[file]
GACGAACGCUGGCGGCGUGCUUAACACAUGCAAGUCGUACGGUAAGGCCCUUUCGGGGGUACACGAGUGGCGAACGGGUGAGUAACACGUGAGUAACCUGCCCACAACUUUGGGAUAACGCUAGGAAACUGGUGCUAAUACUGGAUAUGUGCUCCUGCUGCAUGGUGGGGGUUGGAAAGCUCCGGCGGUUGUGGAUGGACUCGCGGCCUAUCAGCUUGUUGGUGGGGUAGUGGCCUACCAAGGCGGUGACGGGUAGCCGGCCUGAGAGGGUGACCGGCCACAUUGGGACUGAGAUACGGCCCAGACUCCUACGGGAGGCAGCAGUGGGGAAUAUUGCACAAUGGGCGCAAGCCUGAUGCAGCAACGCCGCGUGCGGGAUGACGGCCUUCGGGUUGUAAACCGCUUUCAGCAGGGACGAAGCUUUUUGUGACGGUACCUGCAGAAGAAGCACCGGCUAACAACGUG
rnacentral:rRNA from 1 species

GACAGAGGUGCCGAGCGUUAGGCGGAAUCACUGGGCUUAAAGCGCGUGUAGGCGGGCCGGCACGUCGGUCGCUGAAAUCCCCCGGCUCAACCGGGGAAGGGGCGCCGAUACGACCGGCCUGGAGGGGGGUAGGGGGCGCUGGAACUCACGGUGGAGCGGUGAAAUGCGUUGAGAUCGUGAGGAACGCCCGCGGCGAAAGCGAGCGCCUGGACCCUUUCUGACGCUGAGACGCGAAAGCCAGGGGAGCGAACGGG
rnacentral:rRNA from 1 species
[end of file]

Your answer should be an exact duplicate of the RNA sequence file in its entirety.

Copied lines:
GACGAACGCUGGCGGCGUGCUUAACACAUGCAAGUCGUACGGUAAGGCCCUUUCGGGGGUACACGAGUGGCGAACGGGUGAGUAACACGUGAGUAACCUGCCCACAACUUUGGGAUAACGCUAGGAAACUGGUGCUAAUACUGGAUAUGUGCUCCUGCUGCAUGGUGGGGGUUGGAAAGCUCCGGCGGUUGUGGAUGGACUCGCGGCCUAUCAGCUUGUUGGUGGGGUAGUGGCCUACCAAGGCGGUGACGGGUAGCCGGCCUGAGAGGGUGACCGGCCACAUUGGGACUGAGAUACGGCCCAGACUCCUACGGGAGGCAGCAGUGGGGAAUAUUGCACAAUGGGCGCAAGCCUGAUGCAGCAACGCCGCGUGCGGGAUGACGGCCUUCGGGUUGUAAACCGCUUUCAGCAGGGACGAAGCUUUUUGUGACGGUACCUGCAGAAGAAGCACCGGCUAACAACGUG
rnacentral:rRNA from 1 species

GACAGAGGUGCCGAGCGUUAGGCGGAAUCACUGGGCUUAAAGCGCGUGUAGGCGGGCCGGCACGUCGGUCGCUGAAAUCCCCCGGCUCAACCGGGGAAGGGGCGCCGAUACGACCGGCCUGGAGGGGGGUAGGGGGCGCUGGAACUCACGGUGGAGCGGUGAAAUGCGUUGAGAUCGUGAGGAACGCCCGCGGCGAAAGCGAGCGCCUGGACCCUUUCUGACGCUGAGACGCGAAAGCCAGGGGAGCGAACGGG
rnacentral:rRNA from 1 species